The lore of the Mississippi River is steeped in the macabre.
Take, for example, two river towns — Hannibal, Mo., and Alton, Ill. — that harbored corpses long past their appointments to become, once again, one with the earth.
A mile or two downriver from Hannibal is a natural limestone cavern where Sam Clemens, later known as Mark Twain, played as a boy.
I toured this “intricate tangle of rifts and chasms” — as Twain described it in The Adventures of Tom Sawyer — during a visit to Hannibal last week and heard the tale of Dr. Joseph McDowell, an eccentric St. Louis surgeon who owned the cave in the early 1840s when Twain was a boy.
The unfortunate damsel was the daughter of McDowell, who believed that the cave’s constant temperature of 52 degrees Fahrenheit would help preserve the body of his child, who died of pneumonia. Twain doesn’t say whether he was one of the “loafers and rowdies” who disturbed the rest of Miss McDowell.
It’s hard to believe that his mischievous nature wouldn’t get the better of him during his frequent visits to the cave. But the body may no longer have been in the cave when Clemens reached the age of Tom Sawyer and Huck Finn in his best-known novels.
The corpse caused such a kerfluffle in Hannibal that McDowell moved his daughter’s body after about two years to the family mausoleum in St. Louis.
In Alton, my hometown, just upriver from St. Louis, a corpse belonging to a riverman named Deaf Bill Lee resided as a “permanent guest” in a local funeral parlor for more than eight decades — much of that time propped upright in a closet.
When I was growing up, a peek into the closet at Deaf Bill’s leathery, mustachioed mummy, attired only in a sheet wrapped around his midriff, was a welcome distraction from solemnity for bored kids attending the wakes of deceased relatives.
When Bill was alive, he fished the river to eke out a paltry existence. Other times, he might have been found drinking or brawling in waterfront taverns or preaching fiery, rambling sermons on downtown street corners.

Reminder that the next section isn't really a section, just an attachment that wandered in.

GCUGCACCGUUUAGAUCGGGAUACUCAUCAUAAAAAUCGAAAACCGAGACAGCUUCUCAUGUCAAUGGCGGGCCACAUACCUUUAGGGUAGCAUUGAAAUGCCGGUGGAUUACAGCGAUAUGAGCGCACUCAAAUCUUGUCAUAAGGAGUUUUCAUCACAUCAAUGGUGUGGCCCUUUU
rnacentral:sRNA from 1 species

He was befriended by Bill Bauer, owner of Bauer Funeral Home, who signed him into the Madison County Poor Farm when Deaf Bill’s health began to fail. He died there Nov. 13, 1915, at age 52.
Rather than have Bill buried in a pauper’s grave, Bauer accepted the body and embalmed it.
Bill was rumored to have relatives across the river in West Alton, Mo. But no family members ever claimed the body and Bill stayed on at the funeral home througout a succession of owners.
Finally, in June 1996, Alton paid its final respects to Deaf Bill Lee.
The funeral home contacted the Rev. Michael Sandweg, pastor of the Catholic churches in West Alton and Portage des Sioux, just across the river in Missouri.
“Sandweg checked church records and cemeteries and learned that Edward Lee, who died in 1884 at age 4 1/2, was buried in St. Francis of Assisi cemetery,” said a story from the St. Louis Post-Dispatch on July 5, 2006. “Sandweg wasn’t sure whether the boy and Bill were related, but he heard that both had parents named Thomas and Sara.”
Bill, wearing a turn-of-the-century tuxedo and a black string tie, was laid out in a donated casket of varnished poplar with gold trim. Several hundred Altonians came to view him one last time and six members of the Knights of Columbus Council 460 in Alton served as pallbearers.
The body was taken across the river to Portage des Sioux and buried on June 24, 1996, in the cemetery of St. Francis of Assisi Catholic Church near the grave of an Edward Lee.
An Associated Press story at the time quoted John Dunphy, a writer and bookstore owner who had researched Bill’s story, as saying that the burial showed that “our community is acquiring a social conscience.”
“We no longer believe that human beings should be subjected to such exploitation,” Dunphy said. “I think it represents tremendous personal growth for the city of Alton.”